As a member of several of the sponsoring organizations, REMSA Health is proud to support this Joint Statement on Lights and Siren Vehicle Operations. Our Quality Assurance program, medical director oversight, emergency vehicle training, commitment to continuous clinical improvement, and the medically trained dispatchers in our ACE Accredited EMD center demonstrate our ongoing commitment to raising awareness about the importance of reducing the use of lights and siren in emergency response.
Click to View Downloadable Statement
Joint Statement on Lights & Siren Vehicle Operations on Emergency Medical Services (EMS) Responses
Douglas F. Kupas, Matt Zavadsky, Brooke Burton, Shawn Baird, Jeff J. Clawson, Chip Decker, Peter Dworsky,
Bruce Evans, Dave Finger, Jeffrey M. Goodloe, Brian LaCroix, Gary G. Ludwig, Michael McEvoy, David K. Tan,
Kyle L. Thornton, Kevin Smith, Bryan R. Wilson
The National Association of EMS Physicians and the then National Association of State EMS Directors created a
position statement on emergency medical vehicle use of lights and siren in 1994 (1). This document updates
and replaces this previous statement and is now a joint position statement with the Academy of International
Mobile Healthcare Integration, American Ambulance Association, American College of Emergency Physicians,
Center for Patient Safety, International Academies of Emergency Dispatch, International Association of EMS
Chiefs, International Association of Fire Chiefs, National Association of EMS Physicians, National Association of
Emergency Medical Technicians, National Association of State EMS Officials, National EMS Management
Association, National EMS Quality Alliance, National Volunteer Fire Council and Paramedic Chiefs of Canada.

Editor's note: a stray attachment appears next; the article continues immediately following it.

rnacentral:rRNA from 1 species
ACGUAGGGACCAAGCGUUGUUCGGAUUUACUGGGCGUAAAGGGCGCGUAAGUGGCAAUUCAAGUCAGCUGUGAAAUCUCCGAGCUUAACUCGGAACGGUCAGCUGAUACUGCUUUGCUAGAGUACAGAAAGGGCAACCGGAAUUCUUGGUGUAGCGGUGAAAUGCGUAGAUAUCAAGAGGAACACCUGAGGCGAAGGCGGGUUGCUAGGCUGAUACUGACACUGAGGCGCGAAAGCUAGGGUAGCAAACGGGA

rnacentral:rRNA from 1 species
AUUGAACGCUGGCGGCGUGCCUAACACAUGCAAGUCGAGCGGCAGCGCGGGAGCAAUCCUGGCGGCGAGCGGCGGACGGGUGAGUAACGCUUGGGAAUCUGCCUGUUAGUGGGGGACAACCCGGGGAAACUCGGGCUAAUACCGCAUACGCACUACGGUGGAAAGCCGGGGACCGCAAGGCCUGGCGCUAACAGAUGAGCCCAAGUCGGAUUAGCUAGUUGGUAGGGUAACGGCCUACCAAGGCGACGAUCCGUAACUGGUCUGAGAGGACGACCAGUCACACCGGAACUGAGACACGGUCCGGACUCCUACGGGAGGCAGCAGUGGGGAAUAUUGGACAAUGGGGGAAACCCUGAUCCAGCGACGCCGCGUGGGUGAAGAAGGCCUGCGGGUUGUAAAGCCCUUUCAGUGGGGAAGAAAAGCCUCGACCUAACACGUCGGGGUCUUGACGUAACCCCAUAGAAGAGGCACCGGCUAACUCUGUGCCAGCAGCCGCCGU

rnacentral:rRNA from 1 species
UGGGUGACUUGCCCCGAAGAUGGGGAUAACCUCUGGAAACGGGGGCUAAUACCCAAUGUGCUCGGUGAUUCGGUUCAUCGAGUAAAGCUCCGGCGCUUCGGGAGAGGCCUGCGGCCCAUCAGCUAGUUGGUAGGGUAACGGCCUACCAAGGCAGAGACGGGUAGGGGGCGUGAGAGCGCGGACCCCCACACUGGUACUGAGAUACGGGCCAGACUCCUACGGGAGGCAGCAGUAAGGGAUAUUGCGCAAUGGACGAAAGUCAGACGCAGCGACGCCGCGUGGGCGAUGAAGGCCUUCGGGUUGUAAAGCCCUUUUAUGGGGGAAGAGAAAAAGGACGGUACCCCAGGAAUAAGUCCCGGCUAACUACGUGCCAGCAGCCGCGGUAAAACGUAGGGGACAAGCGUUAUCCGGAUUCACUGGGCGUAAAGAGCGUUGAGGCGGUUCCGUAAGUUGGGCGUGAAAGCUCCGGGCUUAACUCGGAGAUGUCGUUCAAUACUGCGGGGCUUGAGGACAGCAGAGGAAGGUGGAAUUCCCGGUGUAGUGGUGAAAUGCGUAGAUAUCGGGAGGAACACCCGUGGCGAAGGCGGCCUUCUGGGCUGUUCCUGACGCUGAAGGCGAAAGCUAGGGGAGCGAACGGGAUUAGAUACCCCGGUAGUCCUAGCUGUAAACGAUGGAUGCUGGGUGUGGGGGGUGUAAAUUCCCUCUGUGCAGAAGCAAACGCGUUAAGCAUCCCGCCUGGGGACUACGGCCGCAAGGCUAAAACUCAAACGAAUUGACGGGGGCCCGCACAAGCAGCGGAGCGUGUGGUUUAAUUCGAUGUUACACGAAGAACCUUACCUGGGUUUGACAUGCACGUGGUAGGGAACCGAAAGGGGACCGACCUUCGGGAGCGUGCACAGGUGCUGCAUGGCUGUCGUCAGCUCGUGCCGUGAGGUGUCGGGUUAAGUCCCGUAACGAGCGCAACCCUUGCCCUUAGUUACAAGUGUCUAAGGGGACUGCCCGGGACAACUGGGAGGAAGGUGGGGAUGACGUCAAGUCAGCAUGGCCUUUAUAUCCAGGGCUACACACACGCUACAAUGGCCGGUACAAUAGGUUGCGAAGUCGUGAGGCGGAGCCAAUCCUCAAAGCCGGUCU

In 2009, there were 1,579 ambulance crash injuries (2), and most EMS vehicle crashes occur when driving with
lights and siren (L&S) (3). When compared with other similar-sized vehicles, ambulance crashes are more
often at intersections, more often at traffic signals, and more often with multiple injuries, including 84%
involving three or more people (4).
From 1996 to 2012, there were 137 civilian fatalities and 228 civilian injuries resulting from fire service vehicle
incidents and 64 civilian fatalities and 217 civilian injuries resulting from ambulance incidents. According to the
U.S. Fire Administration (USFA), 179 firefighters died as the result of vehicle crashes from 2004 to 2013 (5).
The National EMS Memorial Service reports that approximately 97 EMS practitioners were killed in ambulance
collisions from 1993 to 2010 in the United States (6).
Traffic-related fatality rates for law enforcement officers, firefighters, and EMS practitioners are estimated to
be 2.5 to 4.8 times higher than the national average among all occupations (7). In a recent survey of 675 EMS
practitioners, 7.7% reported being involved in an EMS vehicle crash, with 100% of those occurring in clear
weather and while using L&S. 80% reported a broadside strike as the type of MVC (8). Additionally, one survey
found estimates of approximately four “wake effect” collisions (defined as collisions caused by, but not